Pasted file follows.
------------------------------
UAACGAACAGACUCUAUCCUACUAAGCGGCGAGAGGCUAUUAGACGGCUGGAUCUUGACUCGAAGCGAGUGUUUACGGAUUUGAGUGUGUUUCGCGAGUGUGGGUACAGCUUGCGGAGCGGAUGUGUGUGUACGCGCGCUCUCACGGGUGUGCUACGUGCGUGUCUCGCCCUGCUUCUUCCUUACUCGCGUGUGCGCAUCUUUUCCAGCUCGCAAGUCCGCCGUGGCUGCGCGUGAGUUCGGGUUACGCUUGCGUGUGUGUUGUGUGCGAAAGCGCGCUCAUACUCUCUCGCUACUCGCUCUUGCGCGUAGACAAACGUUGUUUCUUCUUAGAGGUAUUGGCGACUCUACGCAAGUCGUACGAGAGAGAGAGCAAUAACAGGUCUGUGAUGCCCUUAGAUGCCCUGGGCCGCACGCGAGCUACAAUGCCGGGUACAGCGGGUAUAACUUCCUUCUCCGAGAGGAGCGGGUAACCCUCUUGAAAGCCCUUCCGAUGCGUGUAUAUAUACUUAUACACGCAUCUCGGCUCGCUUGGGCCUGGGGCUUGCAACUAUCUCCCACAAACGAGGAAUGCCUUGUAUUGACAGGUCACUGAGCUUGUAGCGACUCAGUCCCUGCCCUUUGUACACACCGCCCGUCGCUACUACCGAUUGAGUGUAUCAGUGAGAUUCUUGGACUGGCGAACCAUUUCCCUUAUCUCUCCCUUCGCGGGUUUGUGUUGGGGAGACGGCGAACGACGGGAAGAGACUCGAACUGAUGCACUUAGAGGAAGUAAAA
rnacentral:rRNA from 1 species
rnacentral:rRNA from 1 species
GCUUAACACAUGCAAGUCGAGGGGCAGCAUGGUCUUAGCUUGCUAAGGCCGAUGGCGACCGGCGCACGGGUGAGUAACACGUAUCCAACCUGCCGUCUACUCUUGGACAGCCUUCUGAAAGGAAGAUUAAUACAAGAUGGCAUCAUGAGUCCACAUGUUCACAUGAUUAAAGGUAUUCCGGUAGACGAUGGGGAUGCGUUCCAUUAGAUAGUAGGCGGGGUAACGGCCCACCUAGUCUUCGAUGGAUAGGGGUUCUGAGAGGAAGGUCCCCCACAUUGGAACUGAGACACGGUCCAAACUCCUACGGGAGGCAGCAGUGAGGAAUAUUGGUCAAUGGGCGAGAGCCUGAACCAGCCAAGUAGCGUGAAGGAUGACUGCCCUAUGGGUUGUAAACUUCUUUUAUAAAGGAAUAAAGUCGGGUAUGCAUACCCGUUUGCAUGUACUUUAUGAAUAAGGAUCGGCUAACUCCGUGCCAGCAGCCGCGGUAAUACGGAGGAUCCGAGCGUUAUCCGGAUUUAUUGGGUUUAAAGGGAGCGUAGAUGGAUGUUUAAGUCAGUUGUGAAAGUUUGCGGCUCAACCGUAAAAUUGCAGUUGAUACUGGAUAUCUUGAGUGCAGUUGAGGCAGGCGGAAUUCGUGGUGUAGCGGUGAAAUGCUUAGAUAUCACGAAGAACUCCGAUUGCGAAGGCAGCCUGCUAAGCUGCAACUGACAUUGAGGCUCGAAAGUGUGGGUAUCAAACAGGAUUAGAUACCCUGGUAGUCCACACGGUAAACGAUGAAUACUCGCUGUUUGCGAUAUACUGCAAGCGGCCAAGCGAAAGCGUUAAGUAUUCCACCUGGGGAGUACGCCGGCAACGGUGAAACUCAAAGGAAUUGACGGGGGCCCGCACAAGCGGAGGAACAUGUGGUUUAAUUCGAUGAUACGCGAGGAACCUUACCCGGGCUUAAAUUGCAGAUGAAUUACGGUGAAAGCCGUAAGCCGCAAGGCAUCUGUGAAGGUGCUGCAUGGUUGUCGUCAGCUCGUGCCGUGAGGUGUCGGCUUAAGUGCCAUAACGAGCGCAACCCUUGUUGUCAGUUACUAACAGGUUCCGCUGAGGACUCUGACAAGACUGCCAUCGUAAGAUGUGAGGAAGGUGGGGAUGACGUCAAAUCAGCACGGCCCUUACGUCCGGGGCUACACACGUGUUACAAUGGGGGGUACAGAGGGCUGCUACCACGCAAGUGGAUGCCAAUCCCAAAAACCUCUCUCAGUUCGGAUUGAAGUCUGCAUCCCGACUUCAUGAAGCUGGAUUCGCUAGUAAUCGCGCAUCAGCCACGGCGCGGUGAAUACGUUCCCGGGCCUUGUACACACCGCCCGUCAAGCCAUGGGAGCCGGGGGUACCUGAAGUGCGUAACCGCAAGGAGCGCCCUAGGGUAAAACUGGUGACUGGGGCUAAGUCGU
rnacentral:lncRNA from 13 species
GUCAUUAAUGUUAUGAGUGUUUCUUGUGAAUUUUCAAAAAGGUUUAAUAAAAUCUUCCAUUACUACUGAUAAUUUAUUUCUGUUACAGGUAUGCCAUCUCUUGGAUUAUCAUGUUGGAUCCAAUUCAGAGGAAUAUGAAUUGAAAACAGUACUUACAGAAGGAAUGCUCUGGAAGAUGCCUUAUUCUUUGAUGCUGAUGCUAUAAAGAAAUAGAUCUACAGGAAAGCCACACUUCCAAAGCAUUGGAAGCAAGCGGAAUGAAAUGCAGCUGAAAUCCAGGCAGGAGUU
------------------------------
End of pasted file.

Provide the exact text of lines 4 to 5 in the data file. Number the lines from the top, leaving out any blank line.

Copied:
GCUUAACACAUGCAAGUCGAGGGGCAGCAUGGUCUUAGCUUGCUAAGGCCGAUGGCGACCGGCGCACGGGUGAGUAACACGUAUCCAACCUGCCGUCUACUCUUGGACAGCCUUCUGAAAGGAAGAUUAAUACAAGAUGGCAUCAUGAGUCCACAUGUUCACAUGAUUAAAGGUAUUCCGGUAGACGAUGGGGAUGCGUUCCAUUAGAUAGUAGGCGGGGUAACGGCCCACCUAGUCUUCGAUGGAUAGGGGUUCUGAGAGGAAGGUCCCCCACAUUGGAACUGAGACACGGUCCAAACUCCUACGGGAGGCAGCAGUGAGGAAUAUUGGUCAAUGGGCGAGAGCCUGAACCAGCCAAGUAGCGUGAAGGAUGACUGCCCUAUGGGUUGUAAACUUCUUUUAUAAAGGAAUAAAGUCGGGUAUGCAUACCCGUUUGCAUGUACUUUAUGAAUAAGGAUCGGCUAACUCCGUGCCAGCAGCCGCGGUAAUACGGAGGAUCCGAGCGUUAUCCGGAUUUAUUGGGUUUAAAGGGAGCGUAGAUGGAUGUUUAAGUCAGUUGUGAAAGUUUGCGGCUCAACCGUAAAAUUGCAGUUGAUACUGGAUAUCUUGAGUGCAGUUGAGGCAGGCGGAAUUCGUGGUGUAGCGGUGAAAUGCUUAGAUAUCACGAAGAACUCCGAUUGCGAAGGCAGCCUGCUAAGCUGCAACUGACAUUGAGGCUCGAAAGUGUGGGUAUCAAACAGGAUUAGAUACCCUGGUAGUCCACACGGUAAACGAUGAAUACUCGCUGUUUGCGAUAUACUGCAAGCGGCCAAGCGAAAGCGUUAAGUAUUCCACCUGGGGAGUACGCCGGCAACGGUGAAACUCAAAGGAAUUGACGGGGGCCCGCACAAGCGGAGGAACAUGUGGUUUAAUUCGAUGAUACGCGAGGAACCUUACCCGGGCUUAAAUUGCAGAUGAAUUACGGUGAAAGCCGUAAGCCGCAAGGCAUCUGUGAAGGUGCUGCAUGGUUGUCGUCAGCUCGUGCCGUGAGGUGUCGGCUUAAGUGCCAUAACGAGCGCAACCCUUGUUGUCAGUUACUAACAGGUUCCGCUGAGGACUCUGACAAGACUGCCAUCGUAAGAUGUGAGGAAGGUGGGGAUGACGUCAAAUCAGCACGGCCCUUACGUCCGGGGCUACACACGUGUUACAAUGGGGGGUACAGAGGGCUGCUACCACGCAAGUGGAUGCCAAUCCCAAAAACCUCUCUCAGUUCGGAUUGAAGUCUGCAUCCCGACUUCAUGAAGCUGGAUUCGCUAGUAAUCGCGCAUCAGCCACGGCGCGGUGAAUACGUUCCCGGGCCUUGUACACACCGCCCGUCAAGCCAUGGGAGCCGGGGGUACCUGAAGUGCGUAACCGCAAGGAGCGCCCUAGGGUAAAACUGGUGACUGGGGCUAAGUCGU
rnacentral:lncRNA from 13 species